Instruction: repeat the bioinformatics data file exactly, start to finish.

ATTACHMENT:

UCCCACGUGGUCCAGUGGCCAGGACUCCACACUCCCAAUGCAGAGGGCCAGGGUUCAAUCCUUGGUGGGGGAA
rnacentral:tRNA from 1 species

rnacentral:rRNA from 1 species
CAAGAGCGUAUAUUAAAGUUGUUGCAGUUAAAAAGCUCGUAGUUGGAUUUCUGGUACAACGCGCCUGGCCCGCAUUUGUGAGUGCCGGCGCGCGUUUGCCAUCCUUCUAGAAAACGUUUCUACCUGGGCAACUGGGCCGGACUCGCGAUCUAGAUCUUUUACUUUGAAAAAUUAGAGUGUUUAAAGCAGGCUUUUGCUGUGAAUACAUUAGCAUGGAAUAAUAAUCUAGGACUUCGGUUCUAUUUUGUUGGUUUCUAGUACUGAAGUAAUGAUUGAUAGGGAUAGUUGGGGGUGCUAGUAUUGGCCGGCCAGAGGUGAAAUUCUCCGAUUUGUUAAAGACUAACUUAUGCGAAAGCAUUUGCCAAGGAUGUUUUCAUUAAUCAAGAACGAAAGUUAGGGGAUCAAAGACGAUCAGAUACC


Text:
UCCCACGUGGUCCAGUGGCCAGGACUCCACACUCCCAAUGCAGAGGGCCAGGGUUCAAUCCUUGGUGGGGGAA
rnacentral:tRNA from 1 species

rnacentral:rRNA from 1 species
CAAGAGCGUAUAUUAAAGUUGUUGCAGUUAAAAAGCUCGUAGUUGGAUUUCUGGUACAACGCGCCUGGCCCGCAUUUGUGAGUGCCGGCGCGCGUUUGCCAUCCUUCUAGAAAACGUUUCUACCUGGGCAACUGGGCCGGACUCGCGAUCUAGAUCUUUUACUUUGAAAAAUUAGAGUGUUUAAAGCAGGCUUUUGCUGUGAAUACAUUAGCAUGGAAUAAUAAUCUAGGACUUCGGUUCUAUUUUGUUGGUUUCUAGUACUGAAGUAAUGAUUGAUAGGGAUAGUUGGGGGUGCUAGUAUUGGCCGGCCAGAGGUGAAAUUCUCCGAUUUGUUAAAGACUAACUUAUGCGAAAGCAUUUGCCAAGGAUGUUUUCAUUAAUCAAGAACGAAAGUUAGGGGAUCAAAGACGAUCAGAUACC